Thoughts: Oh geez this is a selection that gives me reason to say “I might possibly like cava better than even true Champagne”.
Refresher course: Cava is a sparkling wine made in Spain, using the same methods as champagne. Champagne is a sparkling wine coming from the region of France known as Champagne. This particular cava comes from Penedes, which is in Catalonia. In España. Grapes I REALLY don’t know: Xarel-lo, Parellada and Macabeo.
Champagne is where you go for your galaxy of yeast cruising on teeny-tiny bubble cruise ships. It’ll be the most delicate yet hearty foam to cross your lips. Cava is where you go for dainty bubbles with just a bit of the coarse swagger of the stereotypical dames swabbing the state rooms of the bubble cruise ships. They are unique, maybe a bit salty, and ephemeral. That is such a sexist image but I am digging it to explain Cava. Crap I like Cava.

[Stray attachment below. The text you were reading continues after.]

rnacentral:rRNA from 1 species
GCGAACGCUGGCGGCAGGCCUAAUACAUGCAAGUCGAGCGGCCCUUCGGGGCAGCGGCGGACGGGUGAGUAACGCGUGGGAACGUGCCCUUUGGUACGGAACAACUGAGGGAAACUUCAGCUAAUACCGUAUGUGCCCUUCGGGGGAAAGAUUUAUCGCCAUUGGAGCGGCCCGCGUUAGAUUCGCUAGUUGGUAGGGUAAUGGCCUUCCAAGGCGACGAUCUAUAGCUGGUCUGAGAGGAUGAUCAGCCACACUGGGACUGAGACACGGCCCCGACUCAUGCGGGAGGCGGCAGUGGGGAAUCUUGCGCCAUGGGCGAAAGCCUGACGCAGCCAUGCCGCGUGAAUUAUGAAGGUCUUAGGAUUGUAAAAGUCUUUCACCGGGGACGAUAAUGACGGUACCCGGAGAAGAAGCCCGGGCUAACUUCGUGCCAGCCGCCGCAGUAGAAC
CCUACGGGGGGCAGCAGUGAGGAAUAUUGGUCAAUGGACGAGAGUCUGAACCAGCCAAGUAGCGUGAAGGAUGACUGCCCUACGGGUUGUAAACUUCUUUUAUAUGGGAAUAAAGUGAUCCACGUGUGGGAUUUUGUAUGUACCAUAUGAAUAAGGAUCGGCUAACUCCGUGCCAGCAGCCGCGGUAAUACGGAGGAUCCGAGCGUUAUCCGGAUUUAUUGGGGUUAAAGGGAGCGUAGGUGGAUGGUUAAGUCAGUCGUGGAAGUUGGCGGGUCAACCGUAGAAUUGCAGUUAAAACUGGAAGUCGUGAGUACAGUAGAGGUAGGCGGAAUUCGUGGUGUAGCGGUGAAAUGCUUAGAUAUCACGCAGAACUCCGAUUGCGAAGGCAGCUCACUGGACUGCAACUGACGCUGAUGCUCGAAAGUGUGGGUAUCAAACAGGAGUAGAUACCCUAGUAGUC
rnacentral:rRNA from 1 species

But all this is neither here nor there, let us talk about consuming the lovely.
It touches your tongue like a plush yet effervescent cloud. Storm imminent. And said storm occurs as you let the bubbly glide down your tongue. You get both the (tasty) acid rain and the lush foam of dainty bubbles all at once. So like, medium in body.
One of the things most spellbinding things about a good bubbly is its ability to play so many roles at once.
Flavor? Well we have fresh fall fruit. We have honey. And maybe papaya. The bubbles invoke minerals, flowing down the river of pureed white peach. I am not joking about that last one, please, do feel free to make fun of me for saying it.